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Health Tips Details

H1N1 Influenza

Influenza A (H1N1) pandemic, which took the world off guard in 2009, continues to be a major public health hazard and causes many deaths every year, especially in the vulnerable group. In the post pandemic period, there were two major outbreaks in 2015 and 2017, with lesser cases being reported in the intervening years. Influenza viruses have a tendency to re-assort themselves by exchanging genetic material with viruses from other hosts such as pigs, birds, etc and thus transform into a completely new virus which has pandemic potential. Swine flu (A (H1N1) pdm2009) , which was so called because some of the genes were derived from pigs is now being seen regularly as a
seasonal virus.

There are peaks in winter like any other flu virus and higher number of cases are also seen during the monsoons.

Most cases result in mild illness, like any other flu and the patient may respond without treatment. The risk of progression to severe disease and of dying is significantly greater in certain high risk groups such as the elderly, very young children, pregnant women, those with underlying illnesses like uncontrolled hypertension, diabetes, heart failure, respiratory conditions, obesity, kidney disease, etc.

Cases of H1N1 have been categorized by the Government of India, based on the clinical severity and the underlying co morbidities and the management protocol has been outlined. Mild cases do not need testing or treatment. Patients with more severe symptoms need testing and if required treatment, as deemed appropriate by the physician, based on the symptoms and the associated conditions. Such patients with mild and moderate illness, should confine themselves at home and avoid mingling with the public and high risk members in the family till the fever and cough resolves. Patients who are severely breathless, have chest pain, blood in the sputum, bluish discolouration of the nails or a worsening of the underlying illness such as a cardiac condition, need testing, immediate hospitalization and treatment. Antiviral treatment, wherever indicated, has to be started within 48 hours of the onset of symptoms, for it to be most effective. 2009 H1N1 influenza virus spreads from person to person through close contact in ways similar to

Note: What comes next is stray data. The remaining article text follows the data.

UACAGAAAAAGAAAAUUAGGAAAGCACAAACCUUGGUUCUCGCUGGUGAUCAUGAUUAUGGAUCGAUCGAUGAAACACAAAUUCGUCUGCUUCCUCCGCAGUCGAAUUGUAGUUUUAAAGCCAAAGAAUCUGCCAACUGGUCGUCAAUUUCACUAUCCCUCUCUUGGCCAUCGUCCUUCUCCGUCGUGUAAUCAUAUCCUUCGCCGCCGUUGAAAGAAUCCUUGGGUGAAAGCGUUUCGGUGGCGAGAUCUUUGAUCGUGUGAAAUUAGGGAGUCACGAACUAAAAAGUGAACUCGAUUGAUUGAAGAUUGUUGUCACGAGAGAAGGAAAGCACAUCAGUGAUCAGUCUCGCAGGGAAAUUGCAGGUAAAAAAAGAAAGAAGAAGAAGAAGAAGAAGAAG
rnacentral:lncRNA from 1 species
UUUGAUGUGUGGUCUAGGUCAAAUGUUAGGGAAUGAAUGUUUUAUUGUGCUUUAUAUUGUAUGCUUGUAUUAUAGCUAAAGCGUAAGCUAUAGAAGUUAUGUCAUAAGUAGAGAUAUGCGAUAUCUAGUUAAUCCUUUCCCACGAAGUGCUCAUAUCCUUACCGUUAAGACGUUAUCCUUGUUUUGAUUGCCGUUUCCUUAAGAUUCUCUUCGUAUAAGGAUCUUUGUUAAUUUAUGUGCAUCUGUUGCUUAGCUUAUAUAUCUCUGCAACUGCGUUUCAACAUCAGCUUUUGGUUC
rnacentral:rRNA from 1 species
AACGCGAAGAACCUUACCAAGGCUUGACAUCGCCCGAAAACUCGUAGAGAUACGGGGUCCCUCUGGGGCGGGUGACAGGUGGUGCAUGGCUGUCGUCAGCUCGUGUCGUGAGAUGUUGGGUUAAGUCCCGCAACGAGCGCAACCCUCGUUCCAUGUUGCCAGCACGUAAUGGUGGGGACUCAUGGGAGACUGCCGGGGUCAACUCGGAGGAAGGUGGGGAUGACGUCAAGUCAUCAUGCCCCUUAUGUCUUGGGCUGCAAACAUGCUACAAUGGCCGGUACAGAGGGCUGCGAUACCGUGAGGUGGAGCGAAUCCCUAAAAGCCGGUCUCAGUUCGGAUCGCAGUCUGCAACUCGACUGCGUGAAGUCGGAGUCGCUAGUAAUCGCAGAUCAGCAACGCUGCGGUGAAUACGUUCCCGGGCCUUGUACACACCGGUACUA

other influenza viruses such as inhalation of respiratory droplets during coughing, sneezing or singing. Touching a surface that is contaminated by the secretions of an infected person or shaking hands, may transmit the virus. Respiratory secretions, diarrhoeal stools and all bodily fluids are considered infectious. The period of infectivity usually lasts from 5-7 days from symptom onset and subsides with the resolution of fever and cough. This period of infectivity may be prolonged in severe cases, children and those in the high risk groups. Hence, it is important to follow cough etiquette i.e covering the nose and mouth during sneezing and coughing. A minimum distance of 6 feet must be maintained from infected individuals. Hand sanitizer should be used liberally, especially during the flu season.

Even simple hand washing with soap and water is effective. Avoid touching eyes, nose or mouth to prevent spreading of germs. Travelling should be avoided when sick, for a minimum of 7 days. Vaccination is recommended for all individuals older than 6 months of age, especially those belonging to the high risk group and their immediate contacts. Both injectable vaccine and the nasal spray (cannot be taken by pregnant women and certain other groups) are available. However, the physician should be consulted for the age appropriate vaccine. Very mild adverse effects may beobserved occasionally. Two weeks are required for the production of protective antibodies. The vaccine offers only 70-80% protection as it includes only 3 or 4 strains, out of the multitudes of flu strains which are circulating. A person may get flu even after vaccination, as the levels of protective antibodies decline over time, especially in the elderly and those with other co existing illnesses. Secondly, the flu may be caused by strains not included in the vaccine and also the infection may have occurred during the two weeks that it takes for the production of antibodies. Annual vaccination is recommended, as different strains are included every year, based on studies predicting the most likely strains that will be circulating.

Simple precautions like hand hygiene and cough etiquette will go a long way in preventing this potentially fatal infection.

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